"The problem is that it is not until the protein motor binds to a microtubule that structural rearrangements occur that enable ATP hydrolysis, the process that transfers energy from ATP to kinesin," says Downing.
To image kinesin at this critical stage, Downing and Sindelar turned to cryoelectron microscopy, which is a type of electron microscopy in which the sample is studied at extremely low temperatures. The technology is used by structural biologists to image proteins and other molecules as they appear in real-world conditions, in this case a kinesin protein attached to a microtubule.
The technique yielded 8 to 9 angstrom-resolution snapshots of the kinesin motor at four stages of the motor's cycle as it moves along a microtubule. One angstrom is one-ten billionth of a meter. Using these images as a guide, the researchers then "dropped in" even higher resolution crystallographic images of kinesin's components. This step enabled them to derive atomic-level structural models of kinesin in action.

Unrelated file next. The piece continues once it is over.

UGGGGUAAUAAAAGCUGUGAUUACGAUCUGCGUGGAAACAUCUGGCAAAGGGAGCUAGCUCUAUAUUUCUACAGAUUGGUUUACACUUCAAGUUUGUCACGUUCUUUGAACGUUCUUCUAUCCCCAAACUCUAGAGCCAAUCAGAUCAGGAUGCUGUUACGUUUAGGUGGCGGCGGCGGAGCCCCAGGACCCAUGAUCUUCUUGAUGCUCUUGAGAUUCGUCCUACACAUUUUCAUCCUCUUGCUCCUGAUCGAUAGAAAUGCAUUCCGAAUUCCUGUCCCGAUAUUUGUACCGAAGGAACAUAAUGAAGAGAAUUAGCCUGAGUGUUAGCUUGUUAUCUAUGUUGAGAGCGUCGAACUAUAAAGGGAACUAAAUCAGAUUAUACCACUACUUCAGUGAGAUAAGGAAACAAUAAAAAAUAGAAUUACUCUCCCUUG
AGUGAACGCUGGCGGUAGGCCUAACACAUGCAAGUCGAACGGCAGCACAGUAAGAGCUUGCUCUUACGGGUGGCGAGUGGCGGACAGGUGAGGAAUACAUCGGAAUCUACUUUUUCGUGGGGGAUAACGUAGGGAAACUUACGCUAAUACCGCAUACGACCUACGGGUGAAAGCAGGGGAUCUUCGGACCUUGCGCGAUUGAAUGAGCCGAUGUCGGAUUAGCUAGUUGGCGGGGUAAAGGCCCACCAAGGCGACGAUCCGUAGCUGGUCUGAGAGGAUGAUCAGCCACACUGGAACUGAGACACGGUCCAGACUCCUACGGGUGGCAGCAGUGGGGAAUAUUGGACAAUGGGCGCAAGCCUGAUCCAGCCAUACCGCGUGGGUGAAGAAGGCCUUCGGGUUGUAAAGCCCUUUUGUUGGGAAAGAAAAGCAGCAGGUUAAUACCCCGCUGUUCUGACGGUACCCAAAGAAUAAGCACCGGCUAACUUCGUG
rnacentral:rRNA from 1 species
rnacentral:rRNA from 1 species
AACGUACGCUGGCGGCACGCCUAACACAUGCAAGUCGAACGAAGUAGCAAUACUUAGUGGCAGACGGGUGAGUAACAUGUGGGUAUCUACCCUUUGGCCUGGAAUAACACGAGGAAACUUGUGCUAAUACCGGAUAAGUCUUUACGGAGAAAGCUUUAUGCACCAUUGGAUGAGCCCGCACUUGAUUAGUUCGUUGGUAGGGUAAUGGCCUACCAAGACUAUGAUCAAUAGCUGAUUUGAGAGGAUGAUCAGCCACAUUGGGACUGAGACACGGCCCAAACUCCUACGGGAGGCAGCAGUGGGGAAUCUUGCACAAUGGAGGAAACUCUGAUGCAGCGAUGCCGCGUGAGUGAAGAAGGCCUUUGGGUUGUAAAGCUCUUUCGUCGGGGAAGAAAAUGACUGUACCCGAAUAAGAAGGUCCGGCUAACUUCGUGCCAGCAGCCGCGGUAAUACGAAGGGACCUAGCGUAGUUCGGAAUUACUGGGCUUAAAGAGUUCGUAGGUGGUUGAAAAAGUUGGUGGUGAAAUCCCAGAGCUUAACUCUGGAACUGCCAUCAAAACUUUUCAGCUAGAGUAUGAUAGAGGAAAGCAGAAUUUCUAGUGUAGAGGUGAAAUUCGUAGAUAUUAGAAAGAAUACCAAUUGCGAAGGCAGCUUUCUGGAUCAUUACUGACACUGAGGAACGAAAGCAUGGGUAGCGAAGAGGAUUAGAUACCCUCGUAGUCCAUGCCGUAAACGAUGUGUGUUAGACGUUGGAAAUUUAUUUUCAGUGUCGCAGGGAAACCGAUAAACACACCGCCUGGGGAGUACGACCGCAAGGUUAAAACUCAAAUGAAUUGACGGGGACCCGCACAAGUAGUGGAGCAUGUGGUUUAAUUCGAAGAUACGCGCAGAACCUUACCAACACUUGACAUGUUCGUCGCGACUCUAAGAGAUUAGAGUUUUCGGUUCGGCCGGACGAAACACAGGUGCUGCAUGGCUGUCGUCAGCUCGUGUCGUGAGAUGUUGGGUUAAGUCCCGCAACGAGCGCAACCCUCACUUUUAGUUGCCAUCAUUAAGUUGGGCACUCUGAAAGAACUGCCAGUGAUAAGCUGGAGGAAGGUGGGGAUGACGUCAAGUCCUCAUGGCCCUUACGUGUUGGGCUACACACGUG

"Collectively, this work provides a detailed molecular explanation for kinesin's microtubule-attached power stroke," says Downing. "In other words, we can see it how it works in real life. We looked at kinesin in different phases, and learned what causes it to move from one conformation to another, which is how it pulls cargo along the microtubule."
In addition to further elucidating a key biological process, Downing and Sindelar's research may inform the development of disease-fighting drugs. One of kinesin's main jobs is moving chromosomes apart during cell division. Anything that blocks this process will lead to cell death, which is the basis of several cancer therapies such as taxol.
"New insights into how kinesin works could allow scientists to develop drugs that target a
|Contact: Dan Krotz|
DOE/Lawrence Berkeley National Laboratory